Pacific Peace Network
Media Release For immediate release 16 August
Pacific Peace Network calls for an end to all military exercises in the Pacific
- Pacific nations calling for cancellation of Rim of the Pacific (RIMPAC) exercises due to COVID concerns
- Australia and some other nations ignoring pleas to cancel RIMPAC exercises
The Rim of the Pacific (RIMPAC) exercises are due to commence in Hawaiian waters on Monday 17th August, ignoring the pleas to cancel the exercises from the Hawaiian people and other nations of the Pacific, Philippines, Guam, NZ and Australia.
The strong messages coming from the Pacific Peace Network (PPN) and the Cancel RIMPAC Coalition are motivated by the desire to limit the spread of Covid and to reduce the threat of war between the US and China.
The PPN is a coalition of peace organisations from around the Pacific, including Hawai’i, Guam/Guahan Australia, Aotearoa New Zealand and the Philippines, which was set up after an Independent and Peaceful Australia Network (IPAN) conference in Darwin last year.
RIMPAC is the world’s largest biannual maritime exercise, run by the US Navy and has been attended by up to 26 countries biennially since 1971. The partner nations Mexico, Chile, the United Kingdom, Netherlands, Israel and others will not take part in this year’s exercise due to concerns about COVID-19. The PPN is greatly encouraged by this and calls on Australia and all other nations involved to follow the lead of these countries.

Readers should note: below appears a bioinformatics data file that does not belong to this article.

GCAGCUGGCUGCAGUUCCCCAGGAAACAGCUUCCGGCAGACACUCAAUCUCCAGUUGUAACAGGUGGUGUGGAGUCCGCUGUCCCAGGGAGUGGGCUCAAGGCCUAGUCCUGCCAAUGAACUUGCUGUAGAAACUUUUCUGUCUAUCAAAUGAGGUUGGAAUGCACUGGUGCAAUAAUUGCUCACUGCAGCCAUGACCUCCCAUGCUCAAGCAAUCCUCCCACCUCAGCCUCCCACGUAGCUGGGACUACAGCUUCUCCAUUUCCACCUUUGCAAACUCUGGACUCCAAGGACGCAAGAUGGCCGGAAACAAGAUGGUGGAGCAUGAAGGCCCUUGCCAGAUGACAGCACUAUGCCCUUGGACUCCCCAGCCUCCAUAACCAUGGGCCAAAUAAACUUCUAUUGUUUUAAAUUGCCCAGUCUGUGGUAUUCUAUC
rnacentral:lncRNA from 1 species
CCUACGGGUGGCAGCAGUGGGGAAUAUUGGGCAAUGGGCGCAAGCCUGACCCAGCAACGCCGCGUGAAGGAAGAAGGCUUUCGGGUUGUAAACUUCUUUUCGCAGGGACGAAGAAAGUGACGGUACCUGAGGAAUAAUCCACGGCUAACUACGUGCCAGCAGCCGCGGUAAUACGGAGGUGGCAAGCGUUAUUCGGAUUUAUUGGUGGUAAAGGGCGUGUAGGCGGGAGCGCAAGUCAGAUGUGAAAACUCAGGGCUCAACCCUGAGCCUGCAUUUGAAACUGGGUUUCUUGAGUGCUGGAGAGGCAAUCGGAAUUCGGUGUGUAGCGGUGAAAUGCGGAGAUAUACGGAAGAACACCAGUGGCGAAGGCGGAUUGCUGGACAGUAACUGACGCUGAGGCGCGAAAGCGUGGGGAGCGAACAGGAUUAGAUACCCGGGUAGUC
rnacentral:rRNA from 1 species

Australia is due to host the biennial land-based equivalent in central Queensland and the Great Barrier Reef in 2021.
World leaders, such as United Nations Secretary General Antonio Guterres and Pope Francis, are calling for the de-escalation of military build-up as the world grapples with a pandemic and climate change consequences.
PPN convenor Annette Brownlie from the Independent and Peaceful Australian Network, echoes these concerns and says “that rather than practising bombing ships and firing missiles through the ocean, RIMPAC parties could support the people in the Pacific to manage the fallout from climate change.”
“If we want a secure and peaceful Pacific, we need to prioritise diplomacy and utilise the United Nations’ extensive mechanisms to manage conflict, rather than undertaking massive military exercises,” said Ms Brownlie.
For more information:
Annette Brownlie, Co-convenor Pacific Peace Network Ph 0431 597 256